Aug 16, 2022: Shea spent many of his childhood years going to Rangers games, hearing the club’s iconic “It’s baseball time in Texas” announcement from the stands each time. He remembers cheering on players like Elvis Andrus, Michael Young and Adrían Béltre during the team’s back-to-back World Series runs in 2010-11. But Shea only had a fan's-eye view then.
However, he turned the tables after he was called up from Triple-A Las Vegas to make his MLB debut with a cheering section of about 100 friends and family members rooting him on from the stands. This time, he was the one gearing up to play as Rangers announcer Chuck Morgan said those famous words: "It’s baseball time in Texas."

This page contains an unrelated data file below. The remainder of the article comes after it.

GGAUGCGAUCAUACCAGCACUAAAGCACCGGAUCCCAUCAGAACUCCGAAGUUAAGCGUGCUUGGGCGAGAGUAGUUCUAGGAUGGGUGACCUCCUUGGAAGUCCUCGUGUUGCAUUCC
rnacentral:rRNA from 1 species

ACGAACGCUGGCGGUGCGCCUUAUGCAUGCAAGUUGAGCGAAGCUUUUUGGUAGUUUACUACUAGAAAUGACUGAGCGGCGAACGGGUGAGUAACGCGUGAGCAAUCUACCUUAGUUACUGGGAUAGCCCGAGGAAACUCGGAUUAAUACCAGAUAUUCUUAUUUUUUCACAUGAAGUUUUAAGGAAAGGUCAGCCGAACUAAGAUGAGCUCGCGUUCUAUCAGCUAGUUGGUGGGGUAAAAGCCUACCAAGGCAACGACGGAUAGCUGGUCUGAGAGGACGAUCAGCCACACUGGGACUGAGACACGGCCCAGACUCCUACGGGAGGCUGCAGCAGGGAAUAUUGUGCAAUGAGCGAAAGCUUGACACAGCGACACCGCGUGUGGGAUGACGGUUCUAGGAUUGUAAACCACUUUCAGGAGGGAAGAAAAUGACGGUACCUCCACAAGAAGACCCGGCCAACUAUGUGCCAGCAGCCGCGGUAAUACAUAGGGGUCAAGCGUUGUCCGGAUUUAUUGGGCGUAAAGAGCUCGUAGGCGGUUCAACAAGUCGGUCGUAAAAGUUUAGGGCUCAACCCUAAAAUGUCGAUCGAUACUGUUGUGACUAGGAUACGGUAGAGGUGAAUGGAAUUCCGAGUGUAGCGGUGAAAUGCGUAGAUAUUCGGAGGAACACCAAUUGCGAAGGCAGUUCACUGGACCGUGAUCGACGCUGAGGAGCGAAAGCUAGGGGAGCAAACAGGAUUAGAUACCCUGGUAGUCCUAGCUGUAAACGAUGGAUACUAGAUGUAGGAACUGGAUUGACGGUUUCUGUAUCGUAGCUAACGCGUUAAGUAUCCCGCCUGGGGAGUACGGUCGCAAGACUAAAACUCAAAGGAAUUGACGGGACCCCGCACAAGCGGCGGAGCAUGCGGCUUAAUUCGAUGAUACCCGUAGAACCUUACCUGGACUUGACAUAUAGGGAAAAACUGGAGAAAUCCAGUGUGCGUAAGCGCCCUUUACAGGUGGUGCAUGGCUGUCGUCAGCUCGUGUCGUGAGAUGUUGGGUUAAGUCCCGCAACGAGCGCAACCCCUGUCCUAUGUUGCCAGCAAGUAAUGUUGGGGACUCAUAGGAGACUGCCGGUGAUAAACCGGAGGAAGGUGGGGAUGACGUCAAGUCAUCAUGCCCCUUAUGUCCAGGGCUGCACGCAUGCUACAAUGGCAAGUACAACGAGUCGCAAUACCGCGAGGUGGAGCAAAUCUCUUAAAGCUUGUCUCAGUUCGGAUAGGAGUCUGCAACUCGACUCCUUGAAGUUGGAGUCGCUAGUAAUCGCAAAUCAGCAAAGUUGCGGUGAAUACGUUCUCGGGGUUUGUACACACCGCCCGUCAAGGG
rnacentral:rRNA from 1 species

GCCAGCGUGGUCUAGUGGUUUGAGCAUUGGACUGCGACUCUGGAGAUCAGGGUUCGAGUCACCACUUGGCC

“It's crazy to think about. I was just a little kid growing up, going to all the games, and now I’m playing against them,” Langeliers said prior to Oakland’s 5-1 win over Texas, a much-needed victory that snapped a nine-game losing streak. “It’s just a surreal moment.”
Langeliers was acquired by Oakland prior to the season as a key part of the return from Atlanta for first baseman Matt Olson. (Oakland also acquired Cristian Pache, Ryan Cusick and Joey Estes.) After 92 games with Las Vegas, and with the A's approaching a double-digit losing streak, Langeliers received the news of his callup on the day before, ahead of the Aviators’ game in Sacramento. He was in the training room when Las Vegas manager Fran Riordan walked in.
“He just came in and just asked me what I was doing. I was like, ‘Oh, just getting worked on, getting ready,’” Langeliers recalled. “And he's like, ‘You think you'll be ready to play in Arlington tomorrow?’”
Ranked as the No. 36 prospect in baseball by MLB Pipeline, the catcher put together a .283/.366/.510 slash line this season in Triple-A with 100 hits, 19 doubles, 19 home runs, 56 RBIs and 43 walks.